'We’re very keen to ensure that each show has its own unique feel' - setting the scene for festival at St Albans' Roman Theatre
- Credit: Simon Nicholas
Theatre company OVO and the Maltings Theatre are bringing open-air productions back to the Roman Theatre in St Albans this summer.
But how do you stage shows at the Verulamium venue? A Roman theatre with a stage rather than an amphitheatre, the site in Bluehouse Hill dates from 140AD.
Design director Simon Nicholas explained the technical challenges of creating a theatre festival at the historic location. He said: "The Roman Theatre is an extremely important archaeological site.
"It's protected by English Heritage, so there are understandable restrictions as to what we can and can’t do.
"For example, we can’t put a single tent peg into the ground so everything that we have to fix – such as the canopy over the sound and light desk – has to be weighted down with dozens of stage weights. This year we’ll have about half a tonne of stage weights on site."
Simon's first production at The Roman Theatre was As You Like It in 2016 – a thoroughly modern taken on Shakespeare’s classic pastoral comedy.
"Adam Nichols [artistic director of The Maltings Theatre and The Roman Theatre Open Air Festival] was directing and had the play set in 1967 – complete with campervan and psychedelia," said Simon.
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"That was my first insight into the challenges of working in such an historic location.
"I realised there was no physical way we could get a real campervan onto the site – we’re talking over 2,000 years’ worth of history here – and, with no way to drive one in we quickly realised we’d have to be very creative to replicate the real thing.
"We had a lot of ideas before settling on designing a wooden campervan and making it like an enhanced garden shed!
"It came apart, which enabled us to transport it onto the set and re-assemble it and it looked as near as it could to a classic hippy vehicle."
Last year's festival ran for two weeks with a programme of different shows and COVID rules for cast, crew and audiences.
Simon said: "It meant the stage had to work for more than just one production; audience seats had to be legally distanced from each other in line with government regulations; the dressing tents had to be big enough for all the actors and cleaned every night, hand sanitiser stations everywhere and our front of house team helped our audience reach their seats – and the bar! – comfortably and without fear of bumping into anyone else."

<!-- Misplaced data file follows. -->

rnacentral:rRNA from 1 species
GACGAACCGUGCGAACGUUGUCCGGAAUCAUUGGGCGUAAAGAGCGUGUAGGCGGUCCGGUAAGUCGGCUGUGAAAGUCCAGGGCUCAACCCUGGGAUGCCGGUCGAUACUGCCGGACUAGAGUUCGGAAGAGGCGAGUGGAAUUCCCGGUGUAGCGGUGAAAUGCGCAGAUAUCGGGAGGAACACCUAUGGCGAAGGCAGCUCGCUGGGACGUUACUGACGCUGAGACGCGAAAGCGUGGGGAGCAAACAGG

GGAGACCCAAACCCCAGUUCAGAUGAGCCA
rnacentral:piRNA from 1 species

This summer’s festival sees a variety of shows, including OVO/Maltings Theatre productions Peter Pan, The Winter's Tale and The Comedy of Errors.
"This year’s staging is very exciting," said Simon. "We’re turning it around 180 degrees and building the stage directly opposite where it was last year.
"This means we’ll have five levels of staging from the banks, where the audience sat last year, down to the staging in the auditorium.
"It will enable us to utilise lots more space for each production."
Each of the shows presents different challenges. Simon said: "Peter Pan brings its own challenges with its flying sequences: while we can’t hang flying wires from clouds or frames, the staging levels will enable the cast to employ physical theatre in a very magical way.
"The Comedy of Errors is set in a colourful seaside resort, think 1950s kiss-me-quick hats, seaside postcards and a lot of karaoke singing! The design is very bright and cheerful and I think will be beautifully enhanced by the magic of The Roman Theatre.
"The Winter's Tale takes place in two very different locations; austere Sicily and lush Bohemia. At the beginning of the play we’ll convey the sharpness and harshness of Sicily by using a simple set, scaffolding, stark trees… and as we journey to Bohemia we’ll be using gorgeous colours, fabrics, lovely lighting.
"The key to The Winter’s Tale is the transition through the seasons. We start in the cold bleakness of winter and follow the seasons into Bohemia and by the time we return to Sicily, it’s much more about the beauty of winter.
"Ultimately we’re very keen to ensure that each show has its own unique feel."
The festival's design director estimates it will take about five days "to build the stage, the dressing rooms, the new bar, the lighting and sound desks, to rig up all the lights, to wire it up for sound, and to arrange all the seating and ramps to ensure full accessibility and an entirely safe environment for everyone visiting and working there".
He added: "And, of course, we bring in our own generator and toilets.
"The experience of working at this incredible site is second to none; as a crew we feel really honoured to be able to work there to make the shows happen."